HTTP/HTTPS Requests via Invoke-Web Request PowerShell Cmdlet

This article will help you to use the cmdlet to send simple requests to HTML documents and process the result.

The Invoke-Web request cmdlet allows you to send HTTP/HTTPS/FTP requests, receive and send process responses, and return sets of elements from an HTML page. The cmdlet is available from PowerShell 3.0.

There are two aliases available for the Invoke-WebRequest CMDLET.

  • Iwk
  • wget

The simplest PowerShell request for an HTTP website page looks like this:

Invoke-WebRequest -Uri

invoke webrequest powershell

Hint. Sometimes you can face an “Invoke-WebRequest: The request was aborted: Could not create SSL/TLS secure channel” error when performing a request to an HTTPS site. Most likely the problem is that PowerShell uses TLS 1.0 by default to connect, and the target site requires TLS 1.2. To change the list of available security protocols for PowerShell connection, run the commands:

[Net.ServicePointManager]::SecurityProtocol = [Net.SecurityProtocolType]::Tls, [Net.SecurityProtocolType]::Tls11,

 [Net.SecurityProtocolType]::Tls12, [Net.SecurityProtocolType]::Ssl3

[Net.ServicePointManager]::SecurityProtocol = “Tls, Tls11, Tls12, Ssl3”

The Invoke-WebRequest cmdlet allows you to parse HTML page content as a set of attributes and properties. For example, you can get a list of links on a page:

$Site = “”

$HttpContent = Invoke-WebRequest -Uri $Site


Or a list of images on the page:



Now you can get a Title from web page:


You can check the HTTP response status of the page:


In this example, the HTML page turned into an HTML status 200. This means the request was successfully submitted and the webpage is available.

In order to get basic information about the server, cookies, and other headers. Follow this:


powershell webrequest

IsMutuallyAuthenticated : False

Cookies : {}

Headers : {Transfer-Encoding, Connection, Vary, Cache-Control…}

SupportsHeaders : True

ContentLength : -1

ContentEncoding :

ContentType : text/html; charset=UTF-8

CharacterSet : UTF-8

Server : nginx/1.16.1

LastModified : 9/24/2021 7:52:26 PM

StatusCode : OK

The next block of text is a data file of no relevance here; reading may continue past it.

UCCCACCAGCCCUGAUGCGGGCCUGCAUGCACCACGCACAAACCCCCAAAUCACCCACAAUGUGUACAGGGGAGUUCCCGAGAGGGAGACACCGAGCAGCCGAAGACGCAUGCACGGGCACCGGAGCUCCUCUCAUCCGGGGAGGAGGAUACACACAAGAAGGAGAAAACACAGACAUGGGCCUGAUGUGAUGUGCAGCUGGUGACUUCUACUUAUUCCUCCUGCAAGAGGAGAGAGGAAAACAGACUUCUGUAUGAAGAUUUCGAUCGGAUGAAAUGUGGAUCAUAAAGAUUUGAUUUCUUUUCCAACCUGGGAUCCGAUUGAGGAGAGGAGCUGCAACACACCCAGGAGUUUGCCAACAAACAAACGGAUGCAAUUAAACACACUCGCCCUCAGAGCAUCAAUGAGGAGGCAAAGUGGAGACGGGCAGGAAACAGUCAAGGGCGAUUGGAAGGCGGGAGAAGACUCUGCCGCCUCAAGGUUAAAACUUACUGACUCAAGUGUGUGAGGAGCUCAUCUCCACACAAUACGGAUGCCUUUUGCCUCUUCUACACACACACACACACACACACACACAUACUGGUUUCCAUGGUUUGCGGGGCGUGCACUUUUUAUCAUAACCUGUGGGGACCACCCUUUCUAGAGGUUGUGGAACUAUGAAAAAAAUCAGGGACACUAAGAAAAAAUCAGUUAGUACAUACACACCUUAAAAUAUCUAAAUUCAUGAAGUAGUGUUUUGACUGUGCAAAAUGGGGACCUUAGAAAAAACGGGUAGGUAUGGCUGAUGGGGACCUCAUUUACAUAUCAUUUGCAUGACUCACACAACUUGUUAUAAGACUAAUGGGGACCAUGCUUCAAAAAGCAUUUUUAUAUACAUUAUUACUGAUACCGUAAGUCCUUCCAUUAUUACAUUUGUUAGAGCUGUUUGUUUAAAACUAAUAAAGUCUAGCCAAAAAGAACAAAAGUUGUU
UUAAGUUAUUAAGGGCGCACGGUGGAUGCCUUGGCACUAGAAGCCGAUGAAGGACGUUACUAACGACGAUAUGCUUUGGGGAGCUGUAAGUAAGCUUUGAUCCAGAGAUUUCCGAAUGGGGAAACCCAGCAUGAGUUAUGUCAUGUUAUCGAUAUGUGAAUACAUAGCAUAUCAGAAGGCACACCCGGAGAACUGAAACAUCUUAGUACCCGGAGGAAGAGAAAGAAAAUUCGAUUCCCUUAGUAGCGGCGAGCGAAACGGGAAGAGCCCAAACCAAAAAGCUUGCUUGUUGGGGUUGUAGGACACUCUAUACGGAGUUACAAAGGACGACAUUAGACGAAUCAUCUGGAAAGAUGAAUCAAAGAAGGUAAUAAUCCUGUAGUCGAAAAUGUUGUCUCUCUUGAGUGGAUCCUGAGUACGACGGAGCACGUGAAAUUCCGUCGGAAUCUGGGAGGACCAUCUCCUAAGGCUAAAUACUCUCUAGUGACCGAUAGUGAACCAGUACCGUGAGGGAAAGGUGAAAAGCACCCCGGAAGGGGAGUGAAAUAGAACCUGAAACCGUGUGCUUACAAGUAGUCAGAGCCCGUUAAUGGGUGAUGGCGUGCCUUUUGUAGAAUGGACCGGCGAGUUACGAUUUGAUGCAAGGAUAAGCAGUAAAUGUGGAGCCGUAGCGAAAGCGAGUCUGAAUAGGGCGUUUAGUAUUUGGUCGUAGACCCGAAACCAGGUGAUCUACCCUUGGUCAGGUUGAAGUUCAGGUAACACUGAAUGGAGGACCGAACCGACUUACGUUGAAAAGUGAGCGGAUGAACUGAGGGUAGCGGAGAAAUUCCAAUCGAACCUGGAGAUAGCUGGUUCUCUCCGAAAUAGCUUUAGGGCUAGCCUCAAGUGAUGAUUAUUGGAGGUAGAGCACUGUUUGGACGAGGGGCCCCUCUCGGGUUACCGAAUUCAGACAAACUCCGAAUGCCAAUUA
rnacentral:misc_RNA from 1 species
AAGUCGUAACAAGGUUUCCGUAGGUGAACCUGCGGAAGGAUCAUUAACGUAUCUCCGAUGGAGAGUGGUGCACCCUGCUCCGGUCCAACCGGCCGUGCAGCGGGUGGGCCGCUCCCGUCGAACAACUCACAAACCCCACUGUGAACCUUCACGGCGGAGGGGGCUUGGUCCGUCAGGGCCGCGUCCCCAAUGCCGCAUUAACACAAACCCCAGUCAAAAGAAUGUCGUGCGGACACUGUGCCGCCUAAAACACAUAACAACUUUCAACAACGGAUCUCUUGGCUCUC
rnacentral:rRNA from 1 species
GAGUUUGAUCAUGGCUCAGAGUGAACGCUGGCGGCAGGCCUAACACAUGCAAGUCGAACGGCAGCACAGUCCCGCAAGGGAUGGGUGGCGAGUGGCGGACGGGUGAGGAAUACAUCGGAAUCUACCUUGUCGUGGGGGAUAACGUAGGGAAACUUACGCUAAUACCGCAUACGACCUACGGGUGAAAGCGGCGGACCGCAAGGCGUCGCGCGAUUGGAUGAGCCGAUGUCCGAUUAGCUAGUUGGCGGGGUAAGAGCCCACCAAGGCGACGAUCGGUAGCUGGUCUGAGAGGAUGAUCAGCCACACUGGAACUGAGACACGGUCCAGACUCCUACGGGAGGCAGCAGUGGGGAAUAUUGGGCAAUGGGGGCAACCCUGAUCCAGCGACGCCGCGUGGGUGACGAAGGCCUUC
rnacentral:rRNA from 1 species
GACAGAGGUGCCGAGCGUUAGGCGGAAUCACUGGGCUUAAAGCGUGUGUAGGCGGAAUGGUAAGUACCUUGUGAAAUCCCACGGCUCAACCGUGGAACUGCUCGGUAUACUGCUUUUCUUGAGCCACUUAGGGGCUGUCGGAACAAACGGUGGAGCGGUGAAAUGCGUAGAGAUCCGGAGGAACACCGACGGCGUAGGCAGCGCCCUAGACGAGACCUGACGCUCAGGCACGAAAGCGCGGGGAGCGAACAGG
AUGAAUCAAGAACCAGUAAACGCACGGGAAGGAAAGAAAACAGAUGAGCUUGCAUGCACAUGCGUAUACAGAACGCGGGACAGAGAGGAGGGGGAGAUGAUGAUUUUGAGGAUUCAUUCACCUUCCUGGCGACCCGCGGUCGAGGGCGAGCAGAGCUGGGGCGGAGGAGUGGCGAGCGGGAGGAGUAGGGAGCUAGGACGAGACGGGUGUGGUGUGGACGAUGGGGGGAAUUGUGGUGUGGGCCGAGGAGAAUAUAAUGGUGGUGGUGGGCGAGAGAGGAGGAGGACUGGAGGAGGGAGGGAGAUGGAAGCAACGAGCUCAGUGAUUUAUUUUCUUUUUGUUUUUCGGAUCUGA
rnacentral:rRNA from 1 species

StatusDescription : OK

ProtocolVersion : 1.1

ResponseUri :

Method : GET

IsFromCache : False

You can get any information about any element on a web page. All items are parsed as PowerShell objects, which are very convenient and helpful.

$HttpContent | Get-Member

The following attributes and properties are available:

  • Dispose
  • Equals
  • GetHashCode
  • GetType
  • ToString
  • AllElements
  • BaseResponse
  • Content
  • Forms
  • Headers
  • Images
  • InputFields
  • Links
  • ParsedHtml
  • RawContent
  • RawContentLength
  • RawContentStream
  • Scripts
  • StatusCode
  • StatusDescription

The HTML content of a web document can be accessed by two properties:

  • $HttpContent.Content
  • $HttpContent.RawContent

The Invoke-Web request cmdlet allows you to set your own User-Agent value for the connection:

Invoke-WebRequest -Uri $uri -UserAgent ‘Mozilla/5.0’

You can also set the user agent properties via HTTP headers:

$headers = @{

‘method’ = ‘GET’

‘cache-control’ = ‘no-cache’

‘user-agent’ = ‘Mozilla/5.0 (Windows NT 5.1; Win64; x64) AppleWebKit/537.36 (KHTML, like Gecko) Chrome/60.0.3112.90 Safari/537.36’}

Invoke-WebRequest -Uri $uri -Headers $headers

If you need to authenticate the access of web page. Use the following commands:

Basic Authentication


$Site = “”

$HttpContent = Invoke-WebRequest -Uri $Site –Credential $creds

To perform NTLM/Kerberos authentication under the current user credentials:

Wget $Site -UseDefaultCredentials

Authentication using a certificate (you need to specify it Thumbprint):

Wget $Site -CertificateThumbprint 0C64E8B1113E86C76EF1CCA458E5B2A693946E90

Hint. The Invoke-WebRequest cmdlet allows you to download any file available via FTP/HTTP(s). To do this, use the OutFile parameter:

Invoke-WebRequest -Uri ‘’ -OutFile C:\downloads\

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